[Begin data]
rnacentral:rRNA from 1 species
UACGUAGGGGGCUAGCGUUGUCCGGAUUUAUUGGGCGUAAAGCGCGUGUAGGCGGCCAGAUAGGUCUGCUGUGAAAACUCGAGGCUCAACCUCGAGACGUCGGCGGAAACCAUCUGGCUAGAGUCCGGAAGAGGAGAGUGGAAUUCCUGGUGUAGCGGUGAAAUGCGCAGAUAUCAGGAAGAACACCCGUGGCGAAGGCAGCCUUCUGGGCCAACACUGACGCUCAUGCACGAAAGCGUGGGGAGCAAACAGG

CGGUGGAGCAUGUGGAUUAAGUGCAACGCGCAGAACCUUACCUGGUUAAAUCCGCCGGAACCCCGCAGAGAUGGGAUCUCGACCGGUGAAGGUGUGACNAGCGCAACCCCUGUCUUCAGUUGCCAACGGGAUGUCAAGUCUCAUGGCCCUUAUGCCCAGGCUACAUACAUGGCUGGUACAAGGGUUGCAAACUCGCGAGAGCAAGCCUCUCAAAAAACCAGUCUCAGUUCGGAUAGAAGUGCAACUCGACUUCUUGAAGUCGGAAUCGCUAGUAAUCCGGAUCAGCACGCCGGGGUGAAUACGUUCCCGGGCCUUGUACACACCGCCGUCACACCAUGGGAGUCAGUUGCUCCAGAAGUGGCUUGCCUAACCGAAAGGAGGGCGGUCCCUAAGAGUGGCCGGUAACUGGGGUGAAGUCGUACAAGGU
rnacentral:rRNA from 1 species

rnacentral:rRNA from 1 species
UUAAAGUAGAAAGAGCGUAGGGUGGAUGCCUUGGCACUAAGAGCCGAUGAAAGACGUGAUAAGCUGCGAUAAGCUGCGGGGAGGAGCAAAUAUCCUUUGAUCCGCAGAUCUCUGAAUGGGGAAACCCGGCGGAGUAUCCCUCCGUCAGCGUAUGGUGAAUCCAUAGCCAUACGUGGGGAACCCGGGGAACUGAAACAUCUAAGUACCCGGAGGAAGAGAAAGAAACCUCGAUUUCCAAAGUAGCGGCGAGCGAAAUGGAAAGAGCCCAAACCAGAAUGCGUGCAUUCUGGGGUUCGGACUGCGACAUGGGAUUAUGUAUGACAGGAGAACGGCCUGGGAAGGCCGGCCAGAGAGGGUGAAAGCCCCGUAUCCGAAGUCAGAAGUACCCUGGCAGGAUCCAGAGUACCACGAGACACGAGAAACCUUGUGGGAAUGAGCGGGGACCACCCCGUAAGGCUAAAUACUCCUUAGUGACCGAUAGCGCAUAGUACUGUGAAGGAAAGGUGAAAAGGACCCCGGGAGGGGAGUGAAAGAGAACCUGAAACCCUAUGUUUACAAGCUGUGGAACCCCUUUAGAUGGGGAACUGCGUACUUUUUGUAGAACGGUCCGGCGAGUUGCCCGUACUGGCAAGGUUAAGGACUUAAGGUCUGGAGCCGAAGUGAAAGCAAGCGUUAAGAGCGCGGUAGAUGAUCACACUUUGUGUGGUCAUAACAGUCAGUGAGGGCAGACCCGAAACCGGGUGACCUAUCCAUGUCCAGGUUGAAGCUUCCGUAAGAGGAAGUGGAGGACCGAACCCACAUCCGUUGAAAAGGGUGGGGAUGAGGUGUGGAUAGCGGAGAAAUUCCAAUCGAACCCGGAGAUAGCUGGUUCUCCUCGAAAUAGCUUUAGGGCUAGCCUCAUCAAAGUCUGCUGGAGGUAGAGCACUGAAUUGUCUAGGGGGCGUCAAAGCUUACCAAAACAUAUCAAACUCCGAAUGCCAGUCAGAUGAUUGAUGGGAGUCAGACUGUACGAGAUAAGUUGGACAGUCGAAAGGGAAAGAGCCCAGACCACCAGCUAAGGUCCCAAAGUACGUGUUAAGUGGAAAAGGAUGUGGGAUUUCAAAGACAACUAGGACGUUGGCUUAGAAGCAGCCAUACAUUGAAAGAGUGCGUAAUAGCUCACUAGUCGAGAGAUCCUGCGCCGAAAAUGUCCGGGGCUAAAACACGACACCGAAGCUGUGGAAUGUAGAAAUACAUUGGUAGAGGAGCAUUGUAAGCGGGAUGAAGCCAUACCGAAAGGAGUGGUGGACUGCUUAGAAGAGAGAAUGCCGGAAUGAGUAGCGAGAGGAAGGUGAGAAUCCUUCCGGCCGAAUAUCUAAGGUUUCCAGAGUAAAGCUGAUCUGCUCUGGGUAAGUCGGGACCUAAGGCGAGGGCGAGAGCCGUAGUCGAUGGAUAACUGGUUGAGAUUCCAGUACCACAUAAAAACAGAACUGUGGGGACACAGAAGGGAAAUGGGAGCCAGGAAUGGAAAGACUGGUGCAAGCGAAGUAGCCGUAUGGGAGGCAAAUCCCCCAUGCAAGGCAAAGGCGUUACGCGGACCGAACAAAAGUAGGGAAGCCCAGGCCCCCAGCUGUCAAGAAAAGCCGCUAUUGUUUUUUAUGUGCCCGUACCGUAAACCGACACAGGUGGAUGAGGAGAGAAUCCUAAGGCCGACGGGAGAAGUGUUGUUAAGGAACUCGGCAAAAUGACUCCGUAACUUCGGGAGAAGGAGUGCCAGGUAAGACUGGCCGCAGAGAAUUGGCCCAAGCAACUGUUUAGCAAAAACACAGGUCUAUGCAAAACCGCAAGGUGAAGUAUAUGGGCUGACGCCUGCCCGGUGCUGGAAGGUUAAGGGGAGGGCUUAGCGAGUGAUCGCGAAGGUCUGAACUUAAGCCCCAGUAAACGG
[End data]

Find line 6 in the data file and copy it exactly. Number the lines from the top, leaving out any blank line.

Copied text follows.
UUAAAGUAGAAAGAGCGUAGGGUGGAUGCCUUGGCACUAAGAGCCGAUGAAAGACGUGAUAAGCUGCGAUAAGCUGCGGGGAGGAGCAAAUAUCCUUUGAUCCGCAGAUCUCUGAAUGGGGAAACCCGGCGGAGUAUCCCUCCGUCAGCGUAUGGUGAAUCCAUAGCCAUACGUGGGGAACCCGGGGAACUGAAACAUCUAAGUACCCGGAGGAAGAGAAAGAAACCUCGAUUUCCAAAGUAGCGGCGAGCGAAAUGGAAAGAGCCCAAACCAGAAUGCGUGCAUUCUGGGGUUCGGACUGCGACAUGGGAUUAUGUAUGACAGGAGAACGGCCUGGGAAGGCCGGCCAGAGAGGGUGAAAGCCCCGUAUCCGAAGUCAGAAGUACCCUGGCAGGAUCCAGAGUACCACGAGACACGAGAAACCUUGUGGGAAUGAGCGGGGACCACCCCGUAAGGCUAAAUACUCCUUAGUGACCGAUAGCGCAUAGUACUGUGAAGGAAAGGUGAAAAGGACCCCGGGAGGGGAGUGAAAGAGAACCUGAAACCCUAUGUUUACAAGCUGUGGAACCCCUUUAGAUGGGGAACUGCGUACUUUUUGUAGAACGGUCCGGCGAGUUGCCCGUACUGGCAAGGUUAAGGACUUAAGGUCUGGAGCCGAAGUGAAAGCAAGCGUUAAGAGCGCGGUAGAUGAUCACACUUUGUGUGGUCAUAACAGUCAGUGAGGGCAGACCCGAAACCGGGUGACCUAUCCAUGUCCAGGUUGAAGCUUCCGUAAGAGGAAGUGGAGGACCGAACCCACAUCCGUUGAAAAGGGUGGGGAUGAGGUGUGGAUAGCGGAGAAAUUCCAAUCGAACCCGGAGAUAGCUGGUUCUCCUCGAAAUAGCUUUAGGGCUAGCCUCAUCAAAGUCUGCUGGAGGUAGAGCACUGAAUUGUCUAGGGGGCGUCAAAGCUUACCAAAACAUAUCAAACUCCGAAUGCCAGUCAGAUGAUUGAUGGGAGUCAGACUGUACGAGAUAAGUUGGACAGUCGAAAGGGAAAGAGCCCAGACCACCAGCUAAGGUCCCAAAGUACGUGUUAAGUGGAAAAGGAUGUGGGAUUUCAAAGACAACUAGGACGUUGGCUUAGAAGCAGCCAUACAUUGAAAGAGUGCGUAAUAGCUCACUAGUCGAGAGAUCCUGCGCCGAAAAUGUCCGGGGCUAAAACACGACACCGAAGCUGUGGAAUGUAGAAAUACAUUGGUAGAGGAGCAUUGUAAGCGGGAUGAAGCCAUACCGAAAGGAGUGGUGGACUGCUUAGAAGAGAGAAUGCCGGAAUGAGUAGCGAGAGGAAGGUGAGAAUCCUUCCGGCCGAAUAUCUAAGGUUUCCAGAGUAAAGCUGAUCUGCUCUGGGUAAGUCGGGACCUAAGGCGAGGGCGAGAGCCGUAGUCGAUGGAUAACUGGUUGAGAUUCCAGUACCACAUAAAAACAGAACUGUGGGGACACAGAAGGGAAAUGGGAGCCAGGAAUGGAAAGACUGGUGCAAGCGAAGUAGCCGUAUGGGAGGCAAAUCCCCCAUGCAAGGCAAAGGCGUUACGCGGACCGAACAAAAGUAGGGAAGCCCAGGCCCCCAGCUGUCAAGAAAAGCCGCUAUUGUUUUUUAUGUGCCCGUACCGUAAACCGACACAGGUGGAUGAGGAGAGAAUCCUAAGGCCGACGGGAGAAGUGUUGUUAAGGAACUCGGCAAAAUGACUCCGUAACUUCGGGAGAAGGAGUGCCAGGUAAGACUGGCCGCAGAGAAUUGGCCCAAGCAACUGUUUAGCAAAAACACAGGUCUAUGCAAAACCGCAAGGUGAAGUAUAUGGGCUGACGCCUGCCCGGUGCUGGAAGGUUAAGGGGAGGGCUUAGCGAGUGAUCGCGAAGGUCUGAACUUAAGCCCCAGUAAACGG